Notes From Yehuda Katz’s visit to Brisbane

Yehuda Katz(http://yehudakatz.com/) had a brief visit to Brisbane Australia, doing a public presentation, and a more private breakfast meeting. In this blog post I’m going over some of the things that struck me as particularly interesting or worth thinking about.

For those of you who don’t know Yehuda, he is an opinionated and very active developer. Yehuda is a member of the JQuery and Ruby on Rails core teams, and he is also one of the founders of Ember.js (a framework for building rich MVC JavaScript applications – http://emberjs.com).

In the public talk Yehuda went through ember.js, talking through what the paradigm of the framework is, and walking through a demo of some of the key features of the framework. It looks like an interesting option for JavaScript applications. It’s on the brink of going 1.0, but already has some high profile applications using the framework. Apart from seeing the interesting elements of ember and how it’s used, it was very interesting to see the way people are using Ember.js with D3: http://corner.squareup.com/2012/04/building-analytics.html

I’m definitely going to keep my on the framework as it moves forward.

In his spare time Yehuda is working to push the future of the web in ways that help facilitate rich applications. He has got a couple of ways that he is doing this:

  1. he is a member of the W3C TAG
  2. he is working to influence members of the chrome team to build things well.

W3C TAG

The Technical Architecture Group works to specify and guide the architecture of the web moving forward. It has the feel of a good internal architecture group in an organisation, filled with smart people trying to make the web better (it’s membership includes Tim Berners-Lee and representatives of the community, large organisations and browser vendors).

Chrome Team

Through some of the work Yehuda has done, he has had opportunity to spend time with some of the people building new versions of Chrome, and helping to guide some of the thinking towards making apis and decisions that work well for web developers.

So I should have convinced you that Yehuda has some stuff worth listening to. Over the period of time he was I had some good opportunities to listen to both his public conversations and hear some of the more informal conversations. Here are some of the things that I found particularly interesting around where he sees the web heading.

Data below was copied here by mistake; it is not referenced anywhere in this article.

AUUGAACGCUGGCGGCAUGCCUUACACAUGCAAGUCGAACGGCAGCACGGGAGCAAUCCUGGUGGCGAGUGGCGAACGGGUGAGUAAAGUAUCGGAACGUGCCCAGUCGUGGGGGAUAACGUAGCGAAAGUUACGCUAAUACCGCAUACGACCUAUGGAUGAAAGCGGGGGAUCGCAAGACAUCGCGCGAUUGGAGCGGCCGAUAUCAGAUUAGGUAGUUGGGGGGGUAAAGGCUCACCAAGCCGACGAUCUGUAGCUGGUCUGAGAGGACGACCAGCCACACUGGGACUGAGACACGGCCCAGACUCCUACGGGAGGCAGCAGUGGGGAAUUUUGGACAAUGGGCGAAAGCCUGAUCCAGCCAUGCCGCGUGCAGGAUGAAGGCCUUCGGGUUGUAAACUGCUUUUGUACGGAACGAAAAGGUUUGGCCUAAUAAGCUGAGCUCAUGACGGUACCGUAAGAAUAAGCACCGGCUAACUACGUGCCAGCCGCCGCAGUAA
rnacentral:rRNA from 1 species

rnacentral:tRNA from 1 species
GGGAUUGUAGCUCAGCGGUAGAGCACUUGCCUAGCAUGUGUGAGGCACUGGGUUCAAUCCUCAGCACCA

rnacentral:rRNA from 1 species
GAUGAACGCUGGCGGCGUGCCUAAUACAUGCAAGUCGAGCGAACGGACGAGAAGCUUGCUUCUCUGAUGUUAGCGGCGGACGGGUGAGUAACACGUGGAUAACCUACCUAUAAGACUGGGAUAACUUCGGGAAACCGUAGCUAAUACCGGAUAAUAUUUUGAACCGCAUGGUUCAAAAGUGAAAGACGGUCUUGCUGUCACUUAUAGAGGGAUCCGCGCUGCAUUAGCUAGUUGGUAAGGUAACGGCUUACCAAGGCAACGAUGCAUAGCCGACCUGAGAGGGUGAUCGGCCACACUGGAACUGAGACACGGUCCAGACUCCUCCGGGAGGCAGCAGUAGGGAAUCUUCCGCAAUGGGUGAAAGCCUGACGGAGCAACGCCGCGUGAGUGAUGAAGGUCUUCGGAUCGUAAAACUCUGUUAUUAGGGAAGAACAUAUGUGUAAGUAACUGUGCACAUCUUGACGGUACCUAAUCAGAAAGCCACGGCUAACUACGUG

Web RTC looks like a cool technology for real time communications (http://www.webrtc.org/). The support for peer connections looks particularly interesting.

The new world being demonstrated by google polymer (http://www.polymer-project.org/) looks to be very exciting. Definitely well worth a look for web developers who want to get an idea of the way they will be writing applications in the future. Model Driven Views (http://www.polymer-project.org/platform/mdv.html), and custom elements (http://www.polymer-project.org/platform/custom-elements.html) are extremely exciting, and the shadow dom (http://www.polymer-project.org/platform/shadow-dom.html) looks like a good tool for helping to support and customise the new features brought in. The HTML + CSS workflow currently is the language of the web, with many people speaking it, and with these tools, I think the language is moving in good directions.

The mechanisms for doing asynchronous JavaScript have been moving on from the straight callback approach that has been familiar to people, particularly through the use of node. There has been much discussion around the web around promises and futures, with things heading towards promises. Martin Fowler has an article describing JavaScript promises (http://martinfowler.com/bliki/JavascriptPromise.html), which is where the W3C TAG is currently headed (http://infrequently.org/2013/06/sfuturepromiseg/). I look forward to having this come into play, and having a standard option that doesn’t involve the deep nesting that can come from callback nesting.

It was interesting hearing Yehuda’s perspective on computer science and functional topics like Monads and functional reactive programming. The binding approach used in Ember.js takes inspiration from FRP, and Promises allow a transformation to a monadic approach.

One of the interesting new things coming to javascript in browsers is object.observe, a feature which will make it possible to observe any object for modifications on it or its attributes.

All in all there is a bunch of interesting stuff in the web future. It’s a great time to be doing web development, and I look forward to what the future holds.